One of my young former parishioners from All Souls, Berkeley, served in the Sojourn Chaplaincy at San Francisco General Hospital last summer.
This is as hard-core urban a hospital as it gets; gunshot wounds, HIV/AIDS, car wreck traumas and more are all part of daily life at San Francisco General.
Her name is Phoebe Dixon, and she is now starting her second year at Bates College in Maine. By any outward measure, Phoebe is young to be in such a chaplaincy, and many an older person I know would have wilted in such a setting.
Yet, if you know Phoebe, you would know that this chaplaincy was meant for her, and her for it. Her inner spirit shines forth, and she has an extraordinary way of touching the heart of everyone she meets. I was very honored to be asked to write a letter of recommendation for her to Sojourn. She served this past summer at San Francisco General soon after the completion of her freshman year in college. She wrote this description of her experience and sent it to me earlier this week. She gave me permission to share this with you:
A couple of months ago, when I started volunteering as a chaplain intern at Sojourn, the multi-faith chaplaincy at San Francisco General Hospital (SFGH), I noticed people wearing sweatshirts that had “As Real as it Gets – San Francisco General Hospital” written on the back. This tag line has stayed with me all summer. SGH is the public hospital for the City and County of San Francisco and is located in the Mission District of the city. Given that SFGH is a public hospital, there is a very diverse set of patients, including the marginalized, the homeless, and those who suffer from mental illness or substance abuse. It also is the Trauma 1 center serving everyone from northern San Mateo County to Napa County.
During the months I was a chaplaincy volunteer, I witnessed a wide range of illnesses, wounds, and other crises. At first I was afraid that the open sores or missing limbs would be the hardest obstacle I would have to overcome; however, I was wrong. For most patients the physical pain is eased with medication, but the emotional pain is left untouched. As a chaplain intern, my role was to help ease the emotional burdens that patients carried. Like all chaplains, I listened to patients tell their life stories. I heard their frustrations, the sadness and the loneliness they face, and the fear many of them hold about their futures. Chaplains take everything the patients will give—pain or fear or regret—and we hold it for them. Imagine going into a hospital room and carrying an empty basket. You sit down and are ready to fill your basket with whatever the patient gives you. The patient may give you anything from leg pain to fear about death. You gather all of that pain and fear and hold it in your basket, relieving the patient for a short time. Besides offering an empty basket, so to speak, we chaplains help the patients incorporate the injury or illness they are suffering from into their life story.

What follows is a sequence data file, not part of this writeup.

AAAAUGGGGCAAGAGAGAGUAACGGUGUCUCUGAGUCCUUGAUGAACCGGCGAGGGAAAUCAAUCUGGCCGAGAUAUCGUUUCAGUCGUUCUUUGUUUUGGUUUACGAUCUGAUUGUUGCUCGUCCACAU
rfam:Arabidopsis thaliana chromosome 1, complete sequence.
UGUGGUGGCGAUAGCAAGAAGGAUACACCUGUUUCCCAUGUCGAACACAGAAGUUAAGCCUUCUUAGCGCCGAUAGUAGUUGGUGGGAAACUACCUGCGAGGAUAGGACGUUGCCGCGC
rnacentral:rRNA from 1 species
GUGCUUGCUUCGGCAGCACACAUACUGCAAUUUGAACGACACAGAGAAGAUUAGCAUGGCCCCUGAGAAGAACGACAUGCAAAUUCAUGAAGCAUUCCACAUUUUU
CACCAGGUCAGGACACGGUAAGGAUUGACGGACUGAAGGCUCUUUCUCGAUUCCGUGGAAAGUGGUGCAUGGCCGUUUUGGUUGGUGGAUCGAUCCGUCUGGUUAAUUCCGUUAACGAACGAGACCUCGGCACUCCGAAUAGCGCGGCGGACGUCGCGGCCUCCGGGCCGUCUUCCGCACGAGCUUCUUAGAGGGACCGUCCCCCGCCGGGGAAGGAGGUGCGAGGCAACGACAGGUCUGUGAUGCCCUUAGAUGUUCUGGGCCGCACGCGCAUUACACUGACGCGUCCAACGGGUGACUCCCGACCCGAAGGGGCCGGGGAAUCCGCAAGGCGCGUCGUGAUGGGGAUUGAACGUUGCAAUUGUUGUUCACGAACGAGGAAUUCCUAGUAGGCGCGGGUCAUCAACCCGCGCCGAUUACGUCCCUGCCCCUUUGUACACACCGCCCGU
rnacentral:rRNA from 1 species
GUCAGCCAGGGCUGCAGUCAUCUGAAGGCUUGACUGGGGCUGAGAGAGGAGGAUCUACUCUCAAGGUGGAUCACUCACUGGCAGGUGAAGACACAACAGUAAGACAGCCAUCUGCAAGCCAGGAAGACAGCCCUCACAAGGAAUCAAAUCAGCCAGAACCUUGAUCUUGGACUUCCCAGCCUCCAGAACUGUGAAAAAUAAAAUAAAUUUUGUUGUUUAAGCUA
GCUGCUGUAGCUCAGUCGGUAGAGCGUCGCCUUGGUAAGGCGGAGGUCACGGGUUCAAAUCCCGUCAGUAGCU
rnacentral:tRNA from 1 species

After a week or two of being a chaplain I realized how much I enjoyed working in the Intensive Care Unit (ICU). I loved the urgency of the unit and, more importantly, I loved hearing the stories from the patients and their families. It was from the people I met in the ICU that I learned the most about being a chaplain. I learned that the simple act of listening can do wonders for a family member whose child is comatose. I learned that for some patients, just hearing a voice is comforting and reassuring. One woman I visited frequently had been intubated; that is, a tube had been placed down her throat so that she could not speak. Every time I went to see her, she would greet me with a big smile. At the end of our visit, after I had prayed aloud for her, she would not let go of my hand, and when I had to leave, her eyes would tear up. That woman also taught me that sitting with someone in silence can be just as helpful and comforting as a conversation can be. The stories I heard from family members in the ICU were humbling. The frustration I felt from that morning’s traffic jam would disappear when I heard from a family that was faced with taking a loved one off of life support. I heard lots of grief from family members in the ICU, but never before have I seen such strength in someone who was faced with such hardship. These families were so hopeful; they could see a light in a tunnel that most people would consider completely pitch black.
I later learned that all those sweatshirts, the ones that read “As Real as it Gets – San Francisco General Hospital,” are for a fundraiser for the ICU. The ICU is pretty ‘real’ and I definitely got a taste of reality when I was there. I am not saying that car crashes, head injuries, or the terminally ill are the only things that define what is ‘real,’ but rather, those things play a role in what reality can hold. Throughout my summer as a chaplain, I had the privilege of learning about a whole new world: a world of compassion and listening, of hope and faith, of strength. I saw a world that has light in even the darkest places imaginable.